Redefining the place for ethics in the 4.0 era: The World Forum for Ethics in Business and the Max Planck Institute for Innovation and Competition team up for a conference series to facilitate the urgent need for a multi-stakeholder debate on ethics in innovation. The first conference of this kind will be held from 26-27 June 2017 in Munich.
We are global, we are fast, we are digital. And as the world we know is changing at an incredible pace, there are predictions that 40 percent of the world’s leading companies will not exist in a meaningful way after the next decade if they do not adequately prepare themselves for this era. Undoubtedly, the fourth industrial revolution is about to create a world in which virtual and physical systems cooperate with each other in a flexible way. It is changing how we work, live and relate to one another – and the very essence of what it means to be humane.
Recognizing this imperative need to discuss and redefine ethical standards and regulations in innovation and the leadership styles required across all sectors, the Max Planck Institute for Innovation and Competition and the World Forum for Ethics in Business in partnership with the European Patent Office, the German Patent and Trade Mark Office and the Peter Löscher Chair for Business Ethics at the Technical University of Munich are organizing the ”Munich Conference Series on Ethics in Innovation.”
The first conference will take place from 26-27 June 2017 at the German Patent and Trade Mark Office in Munich and will focus on Information and Communication Technologies with special emphasis on innovations in the digital age, including artificial intelligence, internet of things and big data.
The conference will bring together 300 global thinkers and leading experts from academics, business, politics and NGOs and will address central questions such as:
• Innovation 4.0: Can growth really be the main guiding principle of the fourth industrial revolution? How can we ensure that this revolution is empowering and human-centred, rather than divisive and dehumanizing?
• Leadership 4.0: What type of leadership is needed for organizations to be able to innovate and transform in the speed needed?
• Education 4.0: Can value-based education be an answer to the need for adequate leadership?
• Corporate Social Responsibility 4.0: How can we assure that the fourth industrial revolution does not devour its own children but actually creates shared value?
Confirmed speakers include amongst others Prof. Dr. Ferdi Schüth, Vice President, Max Planck Society; Prof. Dr. Josef Drexl, Director, Max Planck Institute for Innovation and Competition; Prof. Dr. Christoph Lütge, Peter Löscher Chair of Business Ethics at TU Munich; Sri Sri Ravi Shankar, Founder, World Forum for Ethics in Business; Jo Leinen, Member of the European Parliament; Jaan Tallinn, Co-founder of Skype; Robert Hansor, Director of Global Sustainability Policy and Systems at Huawei Technologies; and Prof. Dr. Luciano Floridi, University of Oxford.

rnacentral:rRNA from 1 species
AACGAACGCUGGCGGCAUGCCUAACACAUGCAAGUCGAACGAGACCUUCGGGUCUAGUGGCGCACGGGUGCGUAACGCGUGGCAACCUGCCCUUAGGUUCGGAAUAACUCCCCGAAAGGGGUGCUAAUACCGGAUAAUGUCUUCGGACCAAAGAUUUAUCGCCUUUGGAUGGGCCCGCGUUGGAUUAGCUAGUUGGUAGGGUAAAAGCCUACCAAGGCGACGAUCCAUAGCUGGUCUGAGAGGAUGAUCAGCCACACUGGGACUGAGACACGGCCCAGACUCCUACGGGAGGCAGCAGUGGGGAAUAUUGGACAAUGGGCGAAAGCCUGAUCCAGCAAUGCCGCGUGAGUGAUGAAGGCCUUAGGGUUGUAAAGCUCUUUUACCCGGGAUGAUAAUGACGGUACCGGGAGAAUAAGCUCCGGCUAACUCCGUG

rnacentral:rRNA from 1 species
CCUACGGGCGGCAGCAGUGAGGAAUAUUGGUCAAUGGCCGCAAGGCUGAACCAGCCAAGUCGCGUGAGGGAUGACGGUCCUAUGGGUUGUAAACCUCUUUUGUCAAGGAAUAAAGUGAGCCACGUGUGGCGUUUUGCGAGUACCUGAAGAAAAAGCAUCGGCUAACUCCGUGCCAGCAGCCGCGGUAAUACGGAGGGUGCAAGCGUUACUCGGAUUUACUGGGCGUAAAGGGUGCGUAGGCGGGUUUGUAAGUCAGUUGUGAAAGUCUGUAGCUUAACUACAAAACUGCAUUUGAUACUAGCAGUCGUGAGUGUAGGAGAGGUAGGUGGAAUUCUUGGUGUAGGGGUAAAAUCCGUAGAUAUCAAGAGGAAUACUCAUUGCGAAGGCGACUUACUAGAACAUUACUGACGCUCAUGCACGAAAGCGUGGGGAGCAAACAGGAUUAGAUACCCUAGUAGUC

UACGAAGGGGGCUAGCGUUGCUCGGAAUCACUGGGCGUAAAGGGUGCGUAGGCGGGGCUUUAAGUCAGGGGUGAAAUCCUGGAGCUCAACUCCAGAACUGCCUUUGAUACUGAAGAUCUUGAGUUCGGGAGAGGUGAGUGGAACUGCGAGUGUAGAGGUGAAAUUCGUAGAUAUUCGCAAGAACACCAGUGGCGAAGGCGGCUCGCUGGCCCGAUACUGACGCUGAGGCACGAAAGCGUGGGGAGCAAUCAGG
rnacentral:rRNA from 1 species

The Ethics in Innovation Conference will also see selected students and young professionals leading a session on “Call of the Youth”. The participating youth leaders will have an opportunity to undergo holistic leadership training along with interactions with global leaders three days prior to the conference at the ”World Youth Forum” (https://www.wyfei.org/). Over 350 youth leaders from more than 30 countries have already participated in the World Youth Forum in the past few years. For this year, almost 200 students from across the globe have already applied and the deadline has been extended till 30th May. The Max Planck Institute for Innovation and Competition will announce its top 50 selected candidates on 1st June.
The research linked to the Ethics in Innovation Conference and the World Youth Forum is being conducted by an international team led by Prof. Dr. Josef Drexl, Prof. Dr. Christoph Lütge, Dr. Mrinalini Kochupillai and Dr. Arul Scaria.
The conference is open to the public. For further information, registration and the complete speakers lists visit: http://wfeb.org/
About the organizers:
The World Forum for Ethics in Business (WFEB) is a registered public interest foundation based in Belgium (N° 822.216.342). The mandate of the Forum includes all manners of pursuing and establishing the indispensable ethical foundations of business in a globalized world. Providing a platform for the promotion and defense of ethical approaches to business enterprise and corporate governance and facilitating global dialogue and fostering cooperation among the private sector, the academic world, government agencies, international organizations, the media, spiritual as well as secular communities and all other stakeholders are among the organization’s main objectives. The World Forum for Ethics in Business is governed by its President Rajita Kulkarni and its Board MembersAbha Joshi-Ghani, Vice-President, Leadership, Learning and Innovation, The World Bank; Jo Leinen, Member of European Parliament, Nirj Deva, Member of European Parliament; Madhu Rao, CEO Shangri-La Hotels; Roland Glaser, Former CEO Minerva Schools and Ram Lakhina, Chairman of The Netherlands India Chamber of Commerce and Trade. For further information visit: http://wfeb.org/